Survey of the Material Presented in Tables and Figures
The results of the processing of personal data of 20,164 Estonian inhabitants arrested for political reasons presented in this book show that the average time of imprisonment including the subsequent banishment was 15.74 years. The maximum term, for example, was 25+5+5 years, which means 25 years in prison or prison camp, five years of banishment in a prescribed location (mostly Siberia) and five years of restriction of different rights. The present book does not take into account the years of restriction. The penalty is the sum of the years one had to serve by a decision of a prosecuting organ (tribunal, special council, local body of the KGB, or other) or some other institution. The time of imprisonment could be extended as well as reduced while one was in prison. During ten or so years after Stalin's death in 1953, sentences were being revised, terms of imprisonment reduced and prisoners gradually released before they had served the full sentence. Thus, the actual time spent in prison or camp was shorter than the sentence.
Release from prison and return could occur for a variety of reasons: because of disablement, transfer to banishment or so-called pardon, but also through escape and expiry of the term of imprisonment. Also persons killed by prison guards or fellow inmates (0.5 percent) and those who died of illnesses because of the difficult conditions in detention institutions (25.8 percent) were counted as released. The documents andanswers to questionnaires of 28 percent of the convicts make no mention of whether they were released or got out of prisonfor some other reason. Data on release and return have notbeen presented in the tables and figures, but they can befound among the basic data in Chapter 4.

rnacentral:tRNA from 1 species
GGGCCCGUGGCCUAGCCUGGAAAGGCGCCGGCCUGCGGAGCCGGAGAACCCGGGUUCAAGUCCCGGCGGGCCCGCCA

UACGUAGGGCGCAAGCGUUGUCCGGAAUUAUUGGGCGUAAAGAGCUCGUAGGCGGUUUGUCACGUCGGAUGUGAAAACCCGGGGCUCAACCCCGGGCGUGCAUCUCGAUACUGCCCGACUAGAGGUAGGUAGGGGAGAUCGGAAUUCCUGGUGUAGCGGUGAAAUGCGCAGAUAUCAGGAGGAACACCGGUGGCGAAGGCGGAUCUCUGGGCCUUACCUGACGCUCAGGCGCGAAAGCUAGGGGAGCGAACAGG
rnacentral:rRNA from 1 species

Fig. 3.1-1 depicts in sufficient detail the number and percentage of persons arrested for political reasons by year of arrest. The structure of arrested persons by sex and age is depicted in Fig. 3.3-1. We leave comment on the numerical data presented in those figures as well as the preceding tables 3.1 and 3.3 up to our readers.
Of the arrested persons, 8.4 percent were sentenced to death and, as a rule, they were executed by shooting. The shooting was often camouflaged by bogus death certificates stating some illness as the cause of death. Of the arrested, 26.4 percent died in the inhuman conditions prevailing in camps or were killed.
Thus, 34.8 percent of the total never returned from the camps. Men accounted for 88.7 percent of the arrested. Men and women between ages 21 to 55 formed 82.5 percent of the total, persons of up to 20 years of age (including seven babies) formed 4.8 percent and old-age pensioners in the 66-90 age group formed 1.5 percent of the arrested. The peak of arrests was in 1945, when 22.64 percent of the total were seized. In 1941, 18.70 percent and in 1950, 8.31 percent of the arrests took place. People arrested in 1951 received the longest average sentences – 25.45 years, including banishment, which usually did not exceed five years. The length of sentence averaged more than 20 years also in 1948, 1950, 1952 and 1953. The share of death sentences dropped from 81.36 percent in 1937 to 0.94 percent in 1947, but increased again in 1952 (1.59 percent) and 1953 (2.13 percent).